I admit that at any given time, restructuring cannot  be  “fair to all concerned”  nor  ” Will it be beneficial to all concerned” That is the type of illusory code the Rotary Club pushes. In reality, there are those who benefit from the current imbalance and would feel that they would be losing some privileges if there is a change in the system. They should be comforted that restructuring will be based on social justice and that on the long run, all Nigerians shall be winners.

There are also those who realizing that restructuring is an unstoppable train, try to impose conditions such as that it is only the National Assembly (NASS) that can restructure the country. This is illusory.  First, if  Nigeria were a school and restructuring   an examination,  the NASS that has carried out a number constitutional amendments  to restructure the country and failed, would have been expelled.  Secondly, the skewed structure of the NASS is one of the reasons for the restructuring demand for a  fundamental   devolution of power.  Thirdly, there are many who do not think we need twin chambers in the NASS. In other words, they want either the Senate or House of Representatives abolished; preferably, the latter.  Fourthly, if constitutionally and universally, sovereignty belongs to the people from whom all power must flow, the people must have  a say in the future of their  country and not be consigned to the margins because the military-imposed constitution says so.  I am not one of those under  the illusion that that the NASS can be trusted to preside over the reduction of its powers.

There are also those who rule that the unity of the country is not negotiable. I love the sound of it, but what constitutes unity?  This argument reminds me of the Babangida dictatorship which ruled that there can be no alternative to any of its programmmes like  its fraudulent ‘Transition Progamme’ So those who voiced alternative programmes, were detained. When it introduced the ruinous  ‘Structural Adjustment Programme’ it decreed that to this,  ‘There Is No Alternative’ (TINA) But the noted economist, Professor Sam Aluko replied that there is alternative to everything including life, which is death.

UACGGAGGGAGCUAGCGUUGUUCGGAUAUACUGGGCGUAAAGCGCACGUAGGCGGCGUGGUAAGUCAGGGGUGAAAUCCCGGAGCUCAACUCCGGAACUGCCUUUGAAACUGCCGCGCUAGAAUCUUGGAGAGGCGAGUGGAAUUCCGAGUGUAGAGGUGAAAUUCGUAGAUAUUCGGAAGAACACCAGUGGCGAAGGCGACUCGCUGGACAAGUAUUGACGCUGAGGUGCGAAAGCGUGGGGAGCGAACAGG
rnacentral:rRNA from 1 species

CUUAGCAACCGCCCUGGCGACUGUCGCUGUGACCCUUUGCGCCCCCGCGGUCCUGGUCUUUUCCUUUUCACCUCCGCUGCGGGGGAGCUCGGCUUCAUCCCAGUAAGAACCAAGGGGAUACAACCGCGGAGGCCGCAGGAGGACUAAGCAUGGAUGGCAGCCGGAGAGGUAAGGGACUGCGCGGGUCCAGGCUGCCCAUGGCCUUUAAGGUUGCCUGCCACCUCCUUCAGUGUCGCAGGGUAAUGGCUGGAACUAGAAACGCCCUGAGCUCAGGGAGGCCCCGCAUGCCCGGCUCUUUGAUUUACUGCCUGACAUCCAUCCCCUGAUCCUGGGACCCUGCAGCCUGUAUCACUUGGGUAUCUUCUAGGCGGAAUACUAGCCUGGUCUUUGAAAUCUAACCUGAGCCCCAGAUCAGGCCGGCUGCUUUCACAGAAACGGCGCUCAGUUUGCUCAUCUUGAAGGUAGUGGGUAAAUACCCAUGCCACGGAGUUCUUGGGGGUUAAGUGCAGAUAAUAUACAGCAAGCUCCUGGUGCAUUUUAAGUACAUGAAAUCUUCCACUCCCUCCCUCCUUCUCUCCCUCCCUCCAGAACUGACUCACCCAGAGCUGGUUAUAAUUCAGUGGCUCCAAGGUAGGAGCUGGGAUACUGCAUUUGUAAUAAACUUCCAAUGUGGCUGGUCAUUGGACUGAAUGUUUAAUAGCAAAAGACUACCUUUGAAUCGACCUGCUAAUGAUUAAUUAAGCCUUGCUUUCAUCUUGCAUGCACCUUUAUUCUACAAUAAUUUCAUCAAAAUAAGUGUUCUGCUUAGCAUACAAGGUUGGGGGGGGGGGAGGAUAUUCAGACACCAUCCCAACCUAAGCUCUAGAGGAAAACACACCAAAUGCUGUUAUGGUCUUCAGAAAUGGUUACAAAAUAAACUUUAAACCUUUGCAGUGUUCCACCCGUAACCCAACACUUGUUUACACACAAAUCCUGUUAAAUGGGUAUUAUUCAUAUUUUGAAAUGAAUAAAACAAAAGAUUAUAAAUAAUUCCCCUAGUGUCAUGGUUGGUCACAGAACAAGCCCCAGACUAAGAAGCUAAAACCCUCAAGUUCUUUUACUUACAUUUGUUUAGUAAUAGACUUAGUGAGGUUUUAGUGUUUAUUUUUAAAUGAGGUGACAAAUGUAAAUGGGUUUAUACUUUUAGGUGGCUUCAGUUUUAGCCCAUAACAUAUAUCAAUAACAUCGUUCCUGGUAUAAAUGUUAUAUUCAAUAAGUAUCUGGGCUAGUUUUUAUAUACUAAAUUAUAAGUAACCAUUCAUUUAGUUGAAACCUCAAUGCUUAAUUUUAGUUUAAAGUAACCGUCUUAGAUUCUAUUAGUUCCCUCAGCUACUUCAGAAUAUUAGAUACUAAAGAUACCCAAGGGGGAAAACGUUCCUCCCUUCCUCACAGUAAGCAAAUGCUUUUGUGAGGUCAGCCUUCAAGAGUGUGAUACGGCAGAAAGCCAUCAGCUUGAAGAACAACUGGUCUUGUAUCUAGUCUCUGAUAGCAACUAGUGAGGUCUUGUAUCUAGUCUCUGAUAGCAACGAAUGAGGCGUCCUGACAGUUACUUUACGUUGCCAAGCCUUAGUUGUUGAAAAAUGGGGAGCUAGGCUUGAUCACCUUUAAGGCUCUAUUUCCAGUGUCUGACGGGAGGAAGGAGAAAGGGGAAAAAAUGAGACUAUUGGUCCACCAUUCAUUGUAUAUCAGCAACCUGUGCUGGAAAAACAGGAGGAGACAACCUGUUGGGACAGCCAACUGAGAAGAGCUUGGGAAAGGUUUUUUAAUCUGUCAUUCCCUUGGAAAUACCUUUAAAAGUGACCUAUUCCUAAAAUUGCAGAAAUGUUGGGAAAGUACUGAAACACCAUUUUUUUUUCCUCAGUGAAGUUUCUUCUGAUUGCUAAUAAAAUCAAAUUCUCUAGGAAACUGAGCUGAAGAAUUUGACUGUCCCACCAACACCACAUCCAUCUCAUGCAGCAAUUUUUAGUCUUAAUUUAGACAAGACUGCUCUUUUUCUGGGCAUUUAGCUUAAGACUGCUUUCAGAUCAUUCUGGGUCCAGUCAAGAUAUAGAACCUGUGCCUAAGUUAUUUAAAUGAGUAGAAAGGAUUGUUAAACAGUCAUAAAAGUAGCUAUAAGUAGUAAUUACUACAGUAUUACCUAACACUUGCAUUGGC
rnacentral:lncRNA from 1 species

The history of Nigeria, is the story of constant restructuring. When colonial Britain tried to save on administrative funds and run  its Southern and Northern Protectorates and the Lagos Crown Colony as a single administration unit, it amalgamated them in 1914 and reduced the three capitals to one; Lagos.  It created three regions with Divisions as sub units. When the  minority agitations in post-colonial Nigeria could no longer be contained, the country was restructured in 1963 into four Regions, and in 1967,  into 12 States and further into 19 states before ending in the present 36 States.  In 1976, following restructuring, Local Governments were created.

Everywhere you turn, there is restructuring going on; one of the latest being the restructuring of the Ibadan Monarchy from a single king, the Olubadan, to 22 kings.

The 1967 Aburi Accord was about restructuring the country and the military, the failure to implement  that Accord was one of the major reasons that led to the Civil War.

In contrast to those opposed to restructuring, those in favour are behaving as if  restructuring  is like the Kingdom of God which would come in one fell swoop. They are not approaching it as basic socio-economic and political re-engineering designed to address human concerns. More importantly, they neglect the content such as Nigerians right to food, shelter, education, healthcare and good governance; they are rather concerned with the form.

Written by Owei Lakemfa.